However, while the Panther front seven can be murderous, the back four appears vulnerable in a league where the rules currently greatly favor a precision aerial approach. Young CBs Melvin White (second year; 10 starts last season) and Josh Norman (third year from Coastal Carolina) have exhibited good potential. And 2013 college free agent Robert Lester (three ints. LY after winning three rings at Alabama) appears to have a future at safety. However, 7th-year corner Charles Godfrey is trying to make it back from a troublesome Achilles tear. Management has brought in on-the-downturn DBs such as S Roman Harper (Saints), S Thomas DeCoud (Falcons), and CB Antoine Cason (Cardinals) for veteran help. Versus the likes of Drew Brees, Matt Ryan, and the tall-tree receivers in Tampa Bay, it might not be enough.

Back on offense, the issues will likely continue in the OL at tackle unless 2013 RT Byron Bell can successfully make the transition to the left side. Meanwhile, former college TE and defensive lineman Norman Chandler is one of the leading candidates at RT. Recently-added veteran WRs such as Jerricho Cotchery (Jets/Steelers), Jason Avant (Eagles) and Tiquan Underwood (Bucs) are unlikely to cause opposing defensive coordinators to lose much sleep.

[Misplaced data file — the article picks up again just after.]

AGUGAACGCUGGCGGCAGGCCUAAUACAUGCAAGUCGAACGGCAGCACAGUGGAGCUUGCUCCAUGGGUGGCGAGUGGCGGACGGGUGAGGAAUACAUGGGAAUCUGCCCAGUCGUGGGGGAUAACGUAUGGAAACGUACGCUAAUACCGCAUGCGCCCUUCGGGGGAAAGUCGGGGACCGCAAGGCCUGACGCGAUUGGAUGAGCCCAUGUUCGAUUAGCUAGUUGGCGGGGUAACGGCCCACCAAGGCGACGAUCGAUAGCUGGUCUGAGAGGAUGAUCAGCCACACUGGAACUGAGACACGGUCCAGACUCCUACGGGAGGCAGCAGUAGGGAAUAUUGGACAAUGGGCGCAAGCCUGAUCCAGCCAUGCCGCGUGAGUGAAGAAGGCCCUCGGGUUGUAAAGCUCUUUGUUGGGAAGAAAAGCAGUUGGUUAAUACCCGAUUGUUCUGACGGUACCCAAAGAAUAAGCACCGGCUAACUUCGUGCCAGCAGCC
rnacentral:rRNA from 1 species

Summary...6-6 jumbo QB Cam Newton is a major dual threat. However, considering 2014 NFL rules, the Panthers’ OL and WR concerns are likely to keep the Carolina passing attack substandard. The fierce Panther defense will keep the team nipping at the heels of the Saints, and likely in the NFC wildcard chase all the way. For a team whose coach (Ron Rivera) was on the hot seat prior to 2013, that’s not too bad.

ATLANTA (2013 SUR 4-12; PSR 7-9; O/U 9-7)... Atlanta kept with the enduring theme of the NFC South last year, failing to repeat as champ after an outstanding 13-3 mark--the best in the NFC--in 2012. After 2013’s plummet to 4-12, everyone in the ATL is now wondering which Falcon team will step forward in 2014.